Now, having reached the area of the Land of Promise,

6. Match this area with the Mediterranean Climate of the Land of Jerusalem where their seeds “we did put all our seeds into the earth, which we had brought from the land of Jerusalem” and which grew exceedingly and provided an abundant crop (1 Nephi 18:26).

There are only 5 Mediterranean Climates in the world outside of the Mediterranean area

7. Match this area with where gold, silver and copper was found in a single ore (1 Nephi 18:25).

8. Match this area with two unknown grains (Mosiah 9:9).

9. Match this area with two unknown animals “which were useful unto man” and as useful as the elephant (Ether 9:19)

10. Match this area to where natural plants and herbs cured fevers (Alma 46:40).

11. Match this area to where a narrow neck of land could be crossed in a day and a half (Alma 22:32).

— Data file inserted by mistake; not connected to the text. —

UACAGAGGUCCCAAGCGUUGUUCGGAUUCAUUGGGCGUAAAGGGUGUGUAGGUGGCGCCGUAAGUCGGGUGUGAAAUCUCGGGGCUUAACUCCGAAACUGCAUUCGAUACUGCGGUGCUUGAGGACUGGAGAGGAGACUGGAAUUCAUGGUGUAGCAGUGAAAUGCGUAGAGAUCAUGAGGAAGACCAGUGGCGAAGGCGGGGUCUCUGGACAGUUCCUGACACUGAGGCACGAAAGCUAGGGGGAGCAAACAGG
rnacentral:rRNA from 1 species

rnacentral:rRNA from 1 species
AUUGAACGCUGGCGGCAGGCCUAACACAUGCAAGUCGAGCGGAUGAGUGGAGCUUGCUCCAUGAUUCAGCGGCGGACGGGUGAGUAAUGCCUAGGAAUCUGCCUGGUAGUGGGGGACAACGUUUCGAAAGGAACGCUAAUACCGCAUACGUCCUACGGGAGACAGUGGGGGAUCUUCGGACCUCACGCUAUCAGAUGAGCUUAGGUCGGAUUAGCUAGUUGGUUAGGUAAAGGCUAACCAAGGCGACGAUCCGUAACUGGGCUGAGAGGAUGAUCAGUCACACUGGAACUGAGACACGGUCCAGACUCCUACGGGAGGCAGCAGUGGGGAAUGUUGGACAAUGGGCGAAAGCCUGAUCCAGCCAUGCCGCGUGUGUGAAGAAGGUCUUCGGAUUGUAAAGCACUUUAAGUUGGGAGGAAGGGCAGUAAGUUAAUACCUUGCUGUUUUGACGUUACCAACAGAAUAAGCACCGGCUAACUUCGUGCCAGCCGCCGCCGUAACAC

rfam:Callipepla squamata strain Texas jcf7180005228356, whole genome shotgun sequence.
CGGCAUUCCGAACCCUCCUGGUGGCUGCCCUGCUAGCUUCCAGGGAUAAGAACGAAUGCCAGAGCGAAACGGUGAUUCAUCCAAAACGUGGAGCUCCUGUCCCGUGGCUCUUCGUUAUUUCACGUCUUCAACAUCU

12. Match this area to where ruins of ancient buildings, temples, and palaces are found (2 Nephi 5:15-16; Mosiah 8:8; 11:9,12).

13. Match this area to where “there were many highways cast up, and many roads made, which led from city to city, and from land to land, and from place to place” (3 Nephi 6:8).

14. Match this area to where there is, or was, an island (2 Nephi 10:20), where the land was surrounded by water (Alma 22:32), and where there were four seas “the face of the whole earth, from the sea south to the sea north, from the sea west to the sea east.* (Helaman 3:8)

15. Match this area to where resorts (forts) and walls of stone to circle about the cities were built (Alma 48:5; 50:5; 52:6; 55:20), and fortified walls of stone built to contain an attacking force from the south (Helaman 4:7).